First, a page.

Thursday, March 11, 2010

Preservation of food

Preservation of food has always concerned the women of the household in the old days.
Now as women and men both cook, it is shared equally by everybody.

Remember the days without a refrigerator?
The food that went bad in summer was quickly categorized: milk, potatoes, lentil dishes especially sambar.
There was a way to deal with everything:
Potatoes were cooked for one meal, the remainder kept near an open window where a lot of air came through. Lentils got the same treatment.
Milk was boiled 3-4 times a day and the vessel it was boiled in washed thoroughly, inspected carefully and then water boiled in it and discarded before the milkman arrived.

Then came the first Frigidaires and Kelvinators and life changed. The freezer compartment was so small though that other than making ice and ice cream, it had no space for anything else.
It wasn't till I came to America that I realized how much could be and was frozen.
As life got busier, I too cooked in large batches and stored food in the freezer.
I used it for storing food that we grew in summer: chopped tomatoes, fried eggplant, blanched green beans.
Besides freezing,bottling, canning, drying and salting food also help extend it's life.
In India my mother used the summer months to make pickle with limes and mangoes.
I remember my surprise when my mother told me people from Rajasthan and Sindh pickled every vegetable imaginable. I later realized it was because they didn't get these things all year round like we did in the South.
How intelligent they all were.

The main question about extending the shelf, refrigerator, or freezer life of any food is how long can we keep it after that.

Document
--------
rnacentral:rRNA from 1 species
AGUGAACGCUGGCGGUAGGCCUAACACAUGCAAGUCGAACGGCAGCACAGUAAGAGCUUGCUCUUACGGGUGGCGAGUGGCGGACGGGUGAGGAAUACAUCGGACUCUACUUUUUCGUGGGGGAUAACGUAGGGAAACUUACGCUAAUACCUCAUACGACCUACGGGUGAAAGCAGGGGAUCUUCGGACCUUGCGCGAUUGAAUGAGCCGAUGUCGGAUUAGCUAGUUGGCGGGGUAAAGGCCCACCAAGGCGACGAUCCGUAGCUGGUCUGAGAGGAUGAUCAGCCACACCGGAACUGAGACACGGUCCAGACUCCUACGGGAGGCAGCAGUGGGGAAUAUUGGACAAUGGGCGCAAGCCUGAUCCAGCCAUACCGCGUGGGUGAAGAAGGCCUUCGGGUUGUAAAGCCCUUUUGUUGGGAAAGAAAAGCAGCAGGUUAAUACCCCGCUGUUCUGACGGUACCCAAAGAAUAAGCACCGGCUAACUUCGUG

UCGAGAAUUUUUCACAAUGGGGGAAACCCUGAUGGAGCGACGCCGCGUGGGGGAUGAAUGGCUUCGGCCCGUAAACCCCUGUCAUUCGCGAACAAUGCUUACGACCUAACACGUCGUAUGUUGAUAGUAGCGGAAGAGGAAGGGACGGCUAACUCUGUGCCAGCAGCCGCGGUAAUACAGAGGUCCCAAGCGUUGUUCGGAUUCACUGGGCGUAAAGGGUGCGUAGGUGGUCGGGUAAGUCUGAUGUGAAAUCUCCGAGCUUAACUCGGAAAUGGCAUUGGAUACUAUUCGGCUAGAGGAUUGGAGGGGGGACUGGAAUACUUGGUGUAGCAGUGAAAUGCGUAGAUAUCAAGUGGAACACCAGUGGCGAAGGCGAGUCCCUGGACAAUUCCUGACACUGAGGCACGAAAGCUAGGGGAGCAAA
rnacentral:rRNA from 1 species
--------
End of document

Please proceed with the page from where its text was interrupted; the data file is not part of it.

Spices have been found beside the bodies of entombed Pharaohs that are still usable.
Pickles my cousins tell me are usable upto three years...these are the ones that are made the traditional way and stored in jars.
Once I got here, I had my own way of keeping things...I got all the spices, pickles and powders I could when I visited India and then kept them refrigerated till my next trip home. I still do that till someone brings me replacements or I buy them.
As far as I can remember nothing has spoiled.

How long should one keep things is the main question?
When the dals I bought started showing signs of insect infestation, I would throw them out. Then I got this tip: store the bags in the freezer for two weeks, then take out and all the eggs will be killed. I went two steps further: one I put every single item from the Indian grocery store into the freezer for two week, even flour and rice, two I store it all in my spare refrigerator. I have noticed that the two week freezer treatment prevents the spread of tiny insects which make all good cooks go UGH!
While veggies get moldy or change color or start smelling, dry ingredients don't have too many signs.
With dry ingredients, I'm careful to store properly and then check carefully before using. The slightest change in appearance or smell and the packet is off to the trash can.
With meat and fish in the freezer, the rule is now three months at the mo though I know people who buy and store their meat for a year or more.

Recently my niece sent me a link to a site which should help us all with this ongoing question.
Here's the link: http://stilltasty.com/




Here's to healthy eating!

1 comment:

forkbootsandapalette said...

my first time here...really nice blog u have here..will be back for more!